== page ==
Contextualize Me – The Case for Context in Reinforcement Learning

Published: 05 Jun 2023, Last Modified: 05 Jun 2023Accepted by TMLREveryoneRevisionsBibTeX
Abstract: While Reinforcement Learning ( RL) has made great strides towards solving increasingly complicated problems, many algorithms are still brittle to even slight environmental changes. Contextual Reinforcement Learning (cRL) provides a framework to model such changes in a principled manner, thereby enabling flexible, precise and interpretable task specification and generation. Our goal is to show how the framework of cRL contributes to improving zero-shot generalization in RL through meaningful benchmarks and structured reasoning about generalization tasks. We confirm the insight that optimal behavior in cRL requires context information, as in other related areas of partial observability. To empirically validate this in the cRL framework, we provide various context-extended versions of common RL environments. They are part of the first benchmark library, CARL, designed for generalization based on cRL extensions of popular benchmarks, which we propose as a testbed to further study general agents. We show that in the contextual setting, even simple RL environments become challenging - and that naive solutions are not enough to generalize across complex context spaces.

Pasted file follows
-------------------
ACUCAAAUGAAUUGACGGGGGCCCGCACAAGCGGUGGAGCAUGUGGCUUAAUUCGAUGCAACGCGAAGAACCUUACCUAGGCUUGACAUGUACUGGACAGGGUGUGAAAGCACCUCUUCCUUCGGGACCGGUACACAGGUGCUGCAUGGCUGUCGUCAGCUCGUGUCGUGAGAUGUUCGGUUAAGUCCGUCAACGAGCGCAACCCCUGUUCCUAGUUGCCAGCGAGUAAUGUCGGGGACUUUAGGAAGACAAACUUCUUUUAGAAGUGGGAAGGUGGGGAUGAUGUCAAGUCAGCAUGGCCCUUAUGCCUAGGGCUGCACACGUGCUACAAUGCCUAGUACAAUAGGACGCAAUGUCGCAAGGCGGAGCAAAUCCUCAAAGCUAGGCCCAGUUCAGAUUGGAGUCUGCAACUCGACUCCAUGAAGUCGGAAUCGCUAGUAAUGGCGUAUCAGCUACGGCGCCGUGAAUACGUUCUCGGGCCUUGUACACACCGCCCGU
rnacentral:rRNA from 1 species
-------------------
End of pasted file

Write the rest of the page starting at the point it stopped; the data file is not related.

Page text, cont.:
License: Creative Commons Attribution 4.0 International (CC BY 4.0)
Submission Length: Regular submission (no more than 12 pages of main content)
Changes Since Last Submission: Changes 1 (marked with green) - additional clarifications with regards to related work as well as the addition of Whiteson et al. 2011 - updated wording in response to the feedback - removing parts of the theory Section 2 and 3 in favor of extending the benchmark Section 4 by moving parts of the appendix - updated empirical results in Section 5.4 Changes 2 (marked with magenta) - updated language - inclusion of related work by Koppeja & Whiteson (2009) - removal of continual learning challenge - using RLiable for plotting Changes 3 (marked with blue) - updated claims & contributions - moved related work and highlighted Whiteson et al. 2011 - new baseline experiments in the Appendix - updated insights in 6.3 due to these new experiments Final Revision: - Added a note on limitations for Figure 6 - Edited the abstract slightly to make relationship to partial observability clearer
Assigned Action Editor: ~Adam_M_White1
Submission Number: 920